Listening to the Lives of Others: A Pandemic Reading List

We all have different coping mechanisms for this pandemic. Recently, I told a friend I was reading Behind the Beautiful Forevers (a Pulitzer prize winning book about trash collectors who live in Mumbai’s slums) and she replied, “are you sure you don’t want to read something a bit lighter in times like these?” 

I paused for a moment, and then decided to dive into the book anyway. And I’m glad I did. It helped me, actually. I can appreciate that reading heavy material is not for everyone. But reading stories of people enduring great difficulty has actually brought me a lot of comfort during this time; it’s taken me out of my own small stage, as Chesterton put it, and onto a street full of splendid strangers. I’ve been grateful to befriend some strangers in the pages of these books, and for the tender invitation to hear their stories, their anger, and their resilience. 

One of the deep frustrations of the past year has been the way life has been forcibly put on pause, and my own powerlessness to “unpause” anything about it. I coped with that frustration by picking up books about the lives of others, I was reminded that losing years of our lives, or even whole lifetimes, to forces beyond our control is a big theme in the human story.

So with that in mind, I decided to curate this list of my favorite recently-read books based on that question: did this book help me to remember that other people have been through great hardship, upheaval and loss? Did this book make me feel less alone as a result? If the answer was yes, it was added to the list. So here goes.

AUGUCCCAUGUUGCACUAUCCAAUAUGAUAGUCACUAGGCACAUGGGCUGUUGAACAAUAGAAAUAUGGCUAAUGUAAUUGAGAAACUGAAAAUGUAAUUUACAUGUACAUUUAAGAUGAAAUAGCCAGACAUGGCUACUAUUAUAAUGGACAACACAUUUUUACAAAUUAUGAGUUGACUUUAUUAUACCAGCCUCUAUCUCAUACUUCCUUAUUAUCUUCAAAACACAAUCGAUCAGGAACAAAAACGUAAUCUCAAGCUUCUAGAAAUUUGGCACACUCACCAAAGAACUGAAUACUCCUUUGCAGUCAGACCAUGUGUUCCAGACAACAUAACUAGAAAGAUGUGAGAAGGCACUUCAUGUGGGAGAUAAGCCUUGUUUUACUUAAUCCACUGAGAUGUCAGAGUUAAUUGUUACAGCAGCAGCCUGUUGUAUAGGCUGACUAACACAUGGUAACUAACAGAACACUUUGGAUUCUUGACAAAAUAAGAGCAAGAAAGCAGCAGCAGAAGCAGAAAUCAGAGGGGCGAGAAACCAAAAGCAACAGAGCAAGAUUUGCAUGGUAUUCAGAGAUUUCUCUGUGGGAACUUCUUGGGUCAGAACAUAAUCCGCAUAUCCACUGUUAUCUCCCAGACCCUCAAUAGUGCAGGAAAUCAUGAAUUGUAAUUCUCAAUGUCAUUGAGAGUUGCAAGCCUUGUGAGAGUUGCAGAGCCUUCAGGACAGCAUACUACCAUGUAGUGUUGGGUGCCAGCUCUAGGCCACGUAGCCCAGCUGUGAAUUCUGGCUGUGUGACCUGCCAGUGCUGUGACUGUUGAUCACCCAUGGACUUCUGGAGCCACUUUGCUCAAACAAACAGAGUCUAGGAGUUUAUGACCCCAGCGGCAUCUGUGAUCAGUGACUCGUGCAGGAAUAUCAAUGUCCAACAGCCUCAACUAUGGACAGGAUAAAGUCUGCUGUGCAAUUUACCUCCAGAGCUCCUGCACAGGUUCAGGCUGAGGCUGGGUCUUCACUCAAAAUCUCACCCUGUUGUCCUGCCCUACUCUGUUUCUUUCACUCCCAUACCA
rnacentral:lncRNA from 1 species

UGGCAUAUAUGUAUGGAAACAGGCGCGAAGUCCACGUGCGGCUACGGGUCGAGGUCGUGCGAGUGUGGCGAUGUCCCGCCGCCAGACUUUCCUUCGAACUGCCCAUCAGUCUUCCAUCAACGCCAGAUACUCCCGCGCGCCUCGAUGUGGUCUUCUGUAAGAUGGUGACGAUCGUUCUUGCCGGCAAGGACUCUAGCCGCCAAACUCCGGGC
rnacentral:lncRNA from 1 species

First, a few incredible novels (historical fiction):

Fruit of the Drunken Tree (Ingrid Rojas Contreras)
This is one of the most beautiful novels I’ve ever read. An essay of hers, “Translation as an Arithmetic of Loss”, led me to read this book, and I’m so glad I did. The Fruit of the Drunken Tree is a haunting story filled with expressions of the beauty and fear of being a young child in the midst of upheaval. The novel is loosely based on the author’s own childhood experiences growing up in Columbia.

The Sympathizer (Viet Thanh Nguyen)

A riveting spy novel about the American War (this is what Vietnamese people call the Vietnam War), this book is full of adrenaline, double agents, the tension of being caught between two worlds, and a lively critique of Hollywood’s Apocalypse Now and its depiction of Vietnamese people. The Sympathizer received a Pulitzer Prize for fiction, and it was well deserved. I think this book will eventually be seen as an American classic.

Kim Jiyoung, Born 1982 (Cho Nam-Joo)

This one is a quick read; it highlights the experience of being a woman in the workforce in South Korea.

Non-fiction reads:

First, They Erased Our Name: A Rohingya Speaks (Habiburahman)

After the Last Border: Two Families and the Story of Refuge in America (Jessica Goudeau)

Behind the Beautiful Forevers: Life, Death, and Hope in a Mumbai Undercity (Katherine Boo)

We Served the People: My Mother’s Stories (Emei Burell)